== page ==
I’m sure that Mac Pro 2010/2012 owners will try to find a way to run Catalina on those wonderful old systems, but officially this is the last version of macOS that will run on those models, some of them due to celebrate their ninth birthday in July. Although their users will point at their low entry price of just under $/€/£ 2000, the better variants were twice that price, plus the cost of a Metal-capable graphics card, additional memory and storage. Apple has always been a premium brand, but they must have repaid their cost many times over during that period.

Mojave still has a fair share of bugs which need to be fixed. I don’t know what impact 10.14.6 will have on the list that I maintain here, but it would be good to see some of the more severe items at the top being finally knocked on the head.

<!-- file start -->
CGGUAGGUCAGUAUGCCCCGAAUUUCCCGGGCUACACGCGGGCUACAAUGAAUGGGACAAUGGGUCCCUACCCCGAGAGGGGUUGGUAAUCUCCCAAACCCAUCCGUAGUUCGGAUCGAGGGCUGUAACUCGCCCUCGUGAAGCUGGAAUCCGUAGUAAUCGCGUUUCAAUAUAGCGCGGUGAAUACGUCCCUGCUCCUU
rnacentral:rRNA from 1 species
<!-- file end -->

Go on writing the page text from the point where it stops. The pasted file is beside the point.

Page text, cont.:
However, I’ll surprised if Apple comes up with a better way of identifying 32-bit software before we hurtle on to 10.15 and it all breaks. Being able to resize APFS disk images without using Terminal would be highly desirable, as would some relief from the promiscuous writing of quarantine flags to documents opened by sandboxed apps, but I fear that the latter is probably here to haunt us well into the future.

Losing all access to 32-bit apps is going to be more serious than many seem to think. Only recently, I had to fall back to using an old 32-bit OCR app to make sense of 161 pages of French, where the current version of that product didn’t want to help. I can see that I’ll have to upgrade my old VMWare Fusion licence and keep a Mojave virtual machine to hand, loaded with those old and indispensible tools just in case they’re needed.